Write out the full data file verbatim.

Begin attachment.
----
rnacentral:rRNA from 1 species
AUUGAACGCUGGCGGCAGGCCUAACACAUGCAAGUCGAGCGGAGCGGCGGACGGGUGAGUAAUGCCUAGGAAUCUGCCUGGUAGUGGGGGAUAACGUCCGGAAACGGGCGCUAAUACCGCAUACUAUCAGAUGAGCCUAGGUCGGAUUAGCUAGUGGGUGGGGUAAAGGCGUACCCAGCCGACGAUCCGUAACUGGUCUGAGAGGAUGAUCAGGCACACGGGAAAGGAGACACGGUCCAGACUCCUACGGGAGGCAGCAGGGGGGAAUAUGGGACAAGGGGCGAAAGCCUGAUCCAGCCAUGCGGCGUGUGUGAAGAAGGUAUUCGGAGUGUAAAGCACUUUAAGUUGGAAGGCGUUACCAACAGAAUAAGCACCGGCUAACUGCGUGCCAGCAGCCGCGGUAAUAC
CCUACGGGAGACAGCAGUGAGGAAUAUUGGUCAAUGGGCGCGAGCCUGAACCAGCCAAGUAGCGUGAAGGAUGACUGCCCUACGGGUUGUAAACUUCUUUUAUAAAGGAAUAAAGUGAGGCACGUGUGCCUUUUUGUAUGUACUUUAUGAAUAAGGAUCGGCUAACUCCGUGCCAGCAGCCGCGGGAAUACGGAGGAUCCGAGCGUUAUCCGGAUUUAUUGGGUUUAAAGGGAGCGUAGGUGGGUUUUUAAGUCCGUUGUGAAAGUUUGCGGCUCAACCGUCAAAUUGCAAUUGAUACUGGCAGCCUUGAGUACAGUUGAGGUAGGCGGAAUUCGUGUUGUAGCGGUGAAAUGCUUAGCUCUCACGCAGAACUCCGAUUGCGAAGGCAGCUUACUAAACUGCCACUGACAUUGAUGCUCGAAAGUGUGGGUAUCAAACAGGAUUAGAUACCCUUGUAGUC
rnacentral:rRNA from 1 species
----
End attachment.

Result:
rnacentral:rRNA from 1 species
AUUGAACGCUGGCGGCAGGCCUAACACAUGCAAGUCGAGCGGAGCGGCGGACGGGUGAGUAAUGCCUAGGAAUCUGCCUGGUAGUGGGGGAUAACGUCCGGAAACGGGCGCUAAUACCGCAUACUAUCAGAUGAGCCUAGGUCGGAUUAGCUAGUGGGUGGGGUAAAGGCGUACCCAGCCGACGAUCCGUAACUGGUCUGAGAGGAUGAUCAGGCACACGGGAAAGGAGACACGGUCCAGACUCCUACGGGAGGCAGCAGGGGGGAAUAUGGGACAAGGGGCGAAAGCCUGAUCCAGCCAUGCGGCGUGUGUGAAGAAGGUAUUCGGAGUGUAAAGCACUUUAAGUUGGAAGGCGUUACCAACAGAAUAAGCACCGGCUAACUGCGUGCCAGCAGCCGCGGUAAUAC
CCUACGGGAGACAGCAGUGAGGAAUAUUGGUCAAUGGGCGCGAGCCUGAACCAGCCAAGUAGCGUGAAGGAUGACUGCCCUACGGGUUGUAAACUUCUUUUAUAAAGGAAUAAAGUGAGGCACGUGUGCCUUUUUGUAUGUACUUUAUGAAUAAGGAUCGGCUAACUCCGUGCCAGCAGCCGCGGGAAUACGGAGGAUCCGAGCGUUAUCCGGAUUUAUUGGGUUUAAAGGGAGCGUAGGUGGGUUUUUAAGUCCGUUGUGAAAGUUUGCGGCUCAACCGUCAAAUUGCAAUUGAUACUGGCAGCCUUGAGUACAGUUGAGGUAGGCGGAAUUCGUGUUGUAGCGGUGAAAUGCUUAGCUCUCACGCAGAACUCCGAUUGCGAAGGCAGCUUACUAAACUGCCACUGACAUUGAUGCUCGAAAGUGUGGGUAUCAAACAGGAUUAGAUACCCUUGUAGUC
rnacentral:rRNA from 1 species